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Author Topic: Primula 2020  (Read 11166 times)

Gabriela

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Re: Primula 2020
« Reply #30 on: April 16, 2020, 11:56:25 PM »
Beautiful Primulas from all! I need to grow a few more species, a bluish P. sieboldii would be more than nice.
Stefan - is that P. frondosa in wild habitat?

Only P. vulgaris ssp. are in flower here. I understand is practically only the flower color that distinguish them from P. vulgaris.
P. vulgaris ssp. sibthorpii (or hybrid), very early even by its standard, in full flower last week.

And a young P. vulgaris ssp. woronowii.


Gabriela
Ontario, zone 5
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Stefan B.

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Re: Primula 2020
« Reply #31 on: April 17, 2020, 08:25:38 AM »

Stefan - is that P. frondosa in wild habitat?

(Attachment Link)

Hi Gabriela,
It is a wild plant found only in the Central Balkan Mountains, Bulgaria. A rare and protective species. The seeds are from Gatineau botanical garden - Canada.
Regards,
Stefan

Gabriela

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Re: Primula 2020
« Reply #32 on: April 25, 2020, 11:44:12 PM »
Hi Gabriela,
It is a wild plant found only in the Central Balkan Mountains, Bulgaria. A rare and protective species. The seeds are from Gatineau botanical garden - Canada.
Regards,
Stefan

Sorry Stefan, I forgot to open this topic. Thank you, yes I know is endemic from Bulgaria that's why I thought maybe you had the chance to see it in the wild. Interesting you grew it from Canadian seeds origin :) I also have it in the garden, should start to flower soon.
Gabriela
Ontario, zone 5
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David Nicholson

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Re: Primula 2020
« Reply #33 on: May 06, 2020, 01:16:25 PM »
Three Dodecatheons.

Dodecatheon media
D. pauciflorum (red)
D. pauciflorum 'Comet'

666545-0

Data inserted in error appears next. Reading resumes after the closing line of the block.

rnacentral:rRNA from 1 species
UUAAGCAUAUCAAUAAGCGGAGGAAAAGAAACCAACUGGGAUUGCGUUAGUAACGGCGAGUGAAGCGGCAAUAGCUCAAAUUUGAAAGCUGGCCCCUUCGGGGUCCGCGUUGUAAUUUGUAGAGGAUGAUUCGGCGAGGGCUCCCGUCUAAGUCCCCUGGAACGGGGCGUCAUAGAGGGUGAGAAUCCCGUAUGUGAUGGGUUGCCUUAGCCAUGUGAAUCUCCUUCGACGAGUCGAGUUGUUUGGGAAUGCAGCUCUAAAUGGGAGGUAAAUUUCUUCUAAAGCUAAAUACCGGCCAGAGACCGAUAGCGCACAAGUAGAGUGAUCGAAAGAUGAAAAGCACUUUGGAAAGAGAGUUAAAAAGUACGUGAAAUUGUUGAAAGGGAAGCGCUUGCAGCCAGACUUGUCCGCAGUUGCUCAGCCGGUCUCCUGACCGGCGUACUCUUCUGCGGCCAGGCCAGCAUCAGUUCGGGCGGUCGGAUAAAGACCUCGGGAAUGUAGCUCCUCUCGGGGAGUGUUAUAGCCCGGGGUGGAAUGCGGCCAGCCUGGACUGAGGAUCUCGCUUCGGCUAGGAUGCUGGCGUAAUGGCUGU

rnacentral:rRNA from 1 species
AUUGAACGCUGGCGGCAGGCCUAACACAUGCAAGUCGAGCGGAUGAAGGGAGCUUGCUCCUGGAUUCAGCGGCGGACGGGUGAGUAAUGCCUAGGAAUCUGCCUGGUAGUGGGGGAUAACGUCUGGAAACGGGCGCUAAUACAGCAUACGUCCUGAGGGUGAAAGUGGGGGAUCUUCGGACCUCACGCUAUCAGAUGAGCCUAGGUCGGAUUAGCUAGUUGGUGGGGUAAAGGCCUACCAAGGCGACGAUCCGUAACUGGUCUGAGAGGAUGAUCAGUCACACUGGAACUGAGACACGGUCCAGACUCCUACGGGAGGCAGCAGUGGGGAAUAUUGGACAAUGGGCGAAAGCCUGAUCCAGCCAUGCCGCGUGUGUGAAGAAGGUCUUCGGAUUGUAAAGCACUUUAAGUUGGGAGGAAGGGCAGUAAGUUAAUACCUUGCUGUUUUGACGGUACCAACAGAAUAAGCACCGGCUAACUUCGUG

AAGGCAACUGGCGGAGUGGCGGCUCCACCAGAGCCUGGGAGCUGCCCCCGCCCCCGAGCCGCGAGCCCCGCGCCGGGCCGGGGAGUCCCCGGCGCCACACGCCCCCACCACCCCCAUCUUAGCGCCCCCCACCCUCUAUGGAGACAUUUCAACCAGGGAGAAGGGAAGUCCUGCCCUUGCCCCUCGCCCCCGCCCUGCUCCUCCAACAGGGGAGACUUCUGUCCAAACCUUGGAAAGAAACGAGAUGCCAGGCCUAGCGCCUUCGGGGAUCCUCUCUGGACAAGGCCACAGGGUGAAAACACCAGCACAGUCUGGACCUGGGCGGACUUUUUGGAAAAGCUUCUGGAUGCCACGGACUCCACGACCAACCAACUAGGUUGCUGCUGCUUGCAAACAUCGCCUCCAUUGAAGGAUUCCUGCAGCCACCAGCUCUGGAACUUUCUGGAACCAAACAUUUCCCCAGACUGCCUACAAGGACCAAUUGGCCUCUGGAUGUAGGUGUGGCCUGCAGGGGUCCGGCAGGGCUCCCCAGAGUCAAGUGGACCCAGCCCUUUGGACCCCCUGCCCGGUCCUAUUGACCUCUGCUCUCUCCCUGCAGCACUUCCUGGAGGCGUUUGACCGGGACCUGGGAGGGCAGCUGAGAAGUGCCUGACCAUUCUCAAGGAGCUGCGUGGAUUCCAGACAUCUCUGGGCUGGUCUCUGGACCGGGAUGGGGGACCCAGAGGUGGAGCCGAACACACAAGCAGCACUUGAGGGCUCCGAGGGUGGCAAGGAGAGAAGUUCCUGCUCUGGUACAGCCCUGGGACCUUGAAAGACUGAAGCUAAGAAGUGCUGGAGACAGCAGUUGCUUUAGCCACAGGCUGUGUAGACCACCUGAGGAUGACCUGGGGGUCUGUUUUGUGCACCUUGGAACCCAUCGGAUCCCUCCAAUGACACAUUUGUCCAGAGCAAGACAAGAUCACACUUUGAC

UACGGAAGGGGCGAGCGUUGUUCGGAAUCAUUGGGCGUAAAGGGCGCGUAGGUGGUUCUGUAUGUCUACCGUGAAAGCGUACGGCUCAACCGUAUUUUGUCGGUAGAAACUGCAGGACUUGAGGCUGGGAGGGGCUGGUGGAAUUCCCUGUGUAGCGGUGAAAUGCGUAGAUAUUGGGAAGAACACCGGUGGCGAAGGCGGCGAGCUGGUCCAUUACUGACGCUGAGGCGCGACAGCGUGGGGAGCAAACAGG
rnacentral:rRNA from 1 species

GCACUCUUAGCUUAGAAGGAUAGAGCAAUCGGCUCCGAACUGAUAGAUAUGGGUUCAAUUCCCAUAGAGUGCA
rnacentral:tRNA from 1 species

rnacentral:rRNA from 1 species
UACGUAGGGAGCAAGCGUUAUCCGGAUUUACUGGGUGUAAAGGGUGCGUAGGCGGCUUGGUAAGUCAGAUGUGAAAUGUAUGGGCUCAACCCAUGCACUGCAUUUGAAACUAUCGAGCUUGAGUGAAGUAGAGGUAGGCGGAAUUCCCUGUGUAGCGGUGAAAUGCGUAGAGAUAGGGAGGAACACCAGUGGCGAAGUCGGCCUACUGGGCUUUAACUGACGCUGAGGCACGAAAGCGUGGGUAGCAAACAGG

David Nicholson
in Devon, UK  Zone 9b
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Gail

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Re: Primula 2020
« Reply #34 on: May 08, 2020, 10:58:46 AM »
Primula sieboldii 'Kafka on the Shore'
666643-0
Gail Harland
Norfolk, England

Gabriela

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Re: Primula 2020
« Reply #35 on: May 09, 2020, 08:29:11 PM »
Primula sieboldii 'Kafka on the Shore'

Nice sieboldii! with a good name :)

Dainty Primula mistassinica today (yes, there is snow on the ground)

Gabriela
Ontario, zone 5
http://botanicallyinclined.org/

Leena

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Re: Primula 2020
« Reply #36 on: May 28, 2020, 07:01:11 PM »
Two very pretty Primulas from Barnhaven, the first is 'Sundae' and the second 'Raspberry Ripple'. :)
Leena from south of Finland

Maggi Young

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Compilation shot of Primula sieboldii flowers 2020
« Reply #37 on: June 07, 2020, 01:37:59 PM »
Compilation shot  of  Primula sieboldii flowers  from Olga Bondareva

668799-0

Margaret Young in Aberdeen, North East Scotland Zone 7 -ish!

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Claire Cockcroft

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Re: Primula 2020
« Reply #38 on: June 12, 2020, 04:25:51 AM »
I think this is Primula septemloba, grown from wild-collected seed.  It completely disappears in winter.
Claire Cockcroft
Bellevue, Washington, USA  Zone 7-8

Maggi Young

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Re: Primula 2020
« Reply #39 on: June 12, 2020, 11:13:01 AM »
I think this is Primula septemloba, grown from wild-collected seed.  It completely disappears in winter.

Not  one  I am familiar  with - but, as usual, Pam Eveleigh's Primula World site  has  information.....
http://www.primulaworld.com/PWweb/photogallery.htm
Margaret Young in Aberdeen, North East Scotland Zone 7 -ish!

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Andre Schuiteman